The Benefits of Air Root Pruning
Proptek containers use a technique called “Air Pruning” to achieve these fantastic results. The benefits of air pruning are:
- No chemicals, no toxicity
- Cheap and affordable – the technique is built into the pot
- Incredible results
- Practical: can cover many formats and is easily adapted to any nursery’s needs.
How Air Root Pruning Works
An air pruning container works by having slots or holes in its walls along with a system of ribs or other devices to force the root to grow out of the slot or hole. When the root grows out of the slot into relatively dry air its tip is desiccated or “killed”. Once this first root is air pruned it loses its dominance and many secondary roots develop to replace it. These are then in turn air pruned and again they are replaced by even more roots. Air pruning therefore trains a root system with a very large quantity of young vigorous roots.
The simplest form of this is to simply make roots grow out of the drainage hole in the base of the cell. However, most of our containers have vertical side slots per cell which all air prune the roots up the side of the cell as well as on its base.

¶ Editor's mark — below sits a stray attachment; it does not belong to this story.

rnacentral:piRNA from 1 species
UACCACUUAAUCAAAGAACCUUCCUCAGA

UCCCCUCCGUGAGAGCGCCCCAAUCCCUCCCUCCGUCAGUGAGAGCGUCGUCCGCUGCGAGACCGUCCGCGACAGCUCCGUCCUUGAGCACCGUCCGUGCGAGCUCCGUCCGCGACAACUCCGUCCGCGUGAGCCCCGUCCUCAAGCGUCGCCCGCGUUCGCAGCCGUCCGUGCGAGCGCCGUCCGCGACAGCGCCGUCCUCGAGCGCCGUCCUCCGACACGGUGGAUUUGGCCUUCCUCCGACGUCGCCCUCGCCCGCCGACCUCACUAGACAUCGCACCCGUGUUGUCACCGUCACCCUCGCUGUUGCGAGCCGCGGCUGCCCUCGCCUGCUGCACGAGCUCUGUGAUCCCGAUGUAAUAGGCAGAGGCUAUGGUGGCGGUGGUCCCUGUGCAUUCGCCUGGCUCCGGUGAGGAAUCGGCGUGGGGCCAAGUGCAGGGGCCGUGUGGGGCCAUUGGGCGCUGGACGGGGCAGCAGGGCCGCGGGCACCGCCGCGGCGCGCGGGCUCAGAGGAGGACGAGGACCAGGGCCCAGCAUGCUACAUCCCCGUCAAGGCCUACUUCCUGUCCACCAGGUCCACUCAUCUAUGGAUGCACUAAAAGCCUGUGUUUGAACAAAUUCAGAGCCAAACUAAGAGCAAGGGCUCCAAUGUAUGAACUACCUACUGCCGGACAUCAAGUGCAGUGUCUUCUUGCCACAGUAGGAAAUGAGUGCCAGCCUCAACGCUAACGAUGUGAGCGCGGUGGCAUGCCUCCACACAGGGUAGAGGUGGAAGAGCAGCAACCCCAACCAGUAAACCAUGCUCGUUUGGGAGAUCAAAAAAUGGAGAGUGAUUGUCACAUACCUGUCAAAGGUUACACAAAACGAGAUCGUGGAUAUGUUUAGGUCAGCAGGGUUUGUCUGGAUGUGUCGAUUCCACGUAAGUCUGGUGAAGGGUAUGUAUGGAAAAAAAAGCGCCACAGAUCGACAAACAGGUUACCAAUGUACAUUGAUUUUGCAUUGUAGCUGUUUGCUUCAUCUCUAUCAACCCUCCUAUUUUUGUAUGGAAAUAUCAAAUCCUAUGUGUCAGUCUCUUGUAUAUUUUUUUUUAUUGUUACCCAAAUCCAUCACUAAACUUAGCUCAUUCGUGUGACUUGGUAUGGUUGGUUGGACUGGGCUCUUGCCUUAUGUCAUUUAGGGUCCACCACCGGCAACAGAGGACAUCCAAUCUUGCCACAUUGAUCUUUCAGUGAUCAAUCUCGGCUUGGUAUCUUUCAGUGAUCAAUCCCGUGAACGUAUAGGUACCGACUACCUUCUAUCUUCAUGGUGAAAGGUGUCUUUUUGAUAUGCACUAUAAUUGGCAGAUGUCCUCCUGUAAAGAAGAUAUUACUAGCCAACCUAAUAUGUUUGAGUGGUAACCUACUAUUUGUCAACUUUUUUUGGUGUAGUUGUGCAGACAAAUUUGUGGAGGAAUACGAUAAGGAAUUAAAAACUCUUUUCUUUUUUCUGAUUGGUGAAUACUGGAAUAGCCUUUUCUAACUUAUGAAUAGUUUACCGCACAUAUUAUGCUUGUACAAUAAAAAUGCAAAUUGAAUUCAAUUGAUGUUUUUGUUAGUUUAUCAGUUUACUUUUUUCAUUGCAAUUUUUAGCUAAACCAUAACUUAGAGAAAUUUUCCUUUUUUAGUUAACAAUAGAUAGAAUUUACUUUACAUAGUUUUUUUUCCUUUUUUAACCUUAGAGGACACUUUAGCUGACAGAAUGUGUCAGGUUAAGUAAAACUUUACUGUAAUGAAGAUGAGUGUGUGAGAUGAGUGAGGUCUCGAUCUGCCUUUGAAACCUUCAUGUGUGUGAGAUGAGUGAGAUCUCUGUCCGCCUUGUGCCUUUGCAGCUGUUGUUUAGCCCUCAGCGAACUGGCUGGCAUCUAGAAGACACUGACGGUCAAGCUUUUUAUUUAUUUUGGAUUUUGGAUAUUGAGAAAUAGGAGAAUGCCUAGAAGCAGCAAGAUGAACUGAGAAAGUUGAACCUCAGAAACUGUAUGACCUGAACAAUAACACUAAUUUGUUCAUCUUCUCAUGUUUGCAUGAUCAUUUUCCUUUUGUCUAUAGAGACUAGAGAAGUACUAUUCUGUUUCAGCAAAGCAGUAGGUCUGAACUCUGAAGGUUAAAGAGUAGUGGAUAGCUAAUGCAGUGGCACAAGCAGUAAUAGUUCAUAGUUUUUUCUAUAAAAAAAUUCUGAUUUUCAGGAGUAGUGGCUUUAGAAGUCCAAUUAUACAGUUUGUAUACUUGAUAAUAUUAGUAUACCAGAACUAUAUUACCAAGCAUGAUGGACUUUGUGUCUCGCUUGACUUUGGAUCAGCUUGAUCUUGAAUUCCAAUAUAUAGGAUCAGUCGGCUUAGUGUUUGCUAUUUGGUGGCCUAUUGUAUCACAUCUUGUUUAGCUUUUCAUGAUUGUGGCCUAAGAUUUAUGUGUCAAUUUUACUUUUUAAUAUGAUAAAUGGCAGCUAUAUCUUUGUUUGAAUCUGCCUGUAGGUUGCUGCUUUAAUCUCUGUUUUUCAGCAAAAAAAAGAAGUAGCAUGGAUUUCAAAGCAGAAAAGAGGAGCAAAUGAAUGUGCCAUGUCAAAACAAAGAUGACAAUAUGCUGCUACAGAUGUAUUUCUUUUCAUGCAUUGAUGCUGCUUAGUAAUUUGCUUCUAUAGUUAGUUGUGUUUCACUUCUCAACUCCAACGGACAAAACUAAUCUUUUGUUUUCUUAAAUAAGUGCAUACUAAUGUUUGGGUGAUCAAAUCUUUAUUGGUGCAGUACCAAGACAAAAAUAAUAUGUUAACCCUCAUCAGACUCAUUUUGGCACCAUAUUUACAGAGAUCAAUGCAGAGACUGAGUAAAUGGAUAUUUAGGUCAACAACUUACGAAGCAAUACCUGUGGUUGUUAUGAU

This is good as it creates a lot of secondary roots right up the side of the rootball. Great roots right up the rootball mean that after transplanting there are a much larger number of roots that quickly grow outwards giving the plant a great head start.
The Benefits of a Better Rootball
The net result is that the plant will establish more quickly with a higher % survival rate and more uniform growth plant to plant. It is also expected that plants will develop a mature root system earlier and also top growth has been reported to be 20% to 25% greater than for plants in a traditional pot. The reason for this is that if a better root system is developed with a large quantity of younger more vigorous roots which can feed / drink more and support more top growth.
Another benefit of air pruning is improved aeration and drainage via the holes in the container wall. If, for example, you over-irrigate, the excess water drains out so the plant is not sat wet and unhappy as long. The good aeration of our specialist air pruning pots provides a healthy microclimate to ensure plants are as healthy and as strong as possible.
We believe this is the best root system that is available today and is a result of the cell design. There is however one additional thing you must do to get the benefits of ‘air root pruning’. You must raise the tray off the ground so that dryer air can circulate around the outside of the cell to “kill” the emerging root tips.
Other Methods of Root Pruning
There are, however, other methods of pruning roots seen in the industry – all of which are inferior to air root pruning for a variety of reasons:
Air pruning is the chemical & labor free way to excellent, non-circling roots. Discover how air root pruning works and how it can benefit your nursery.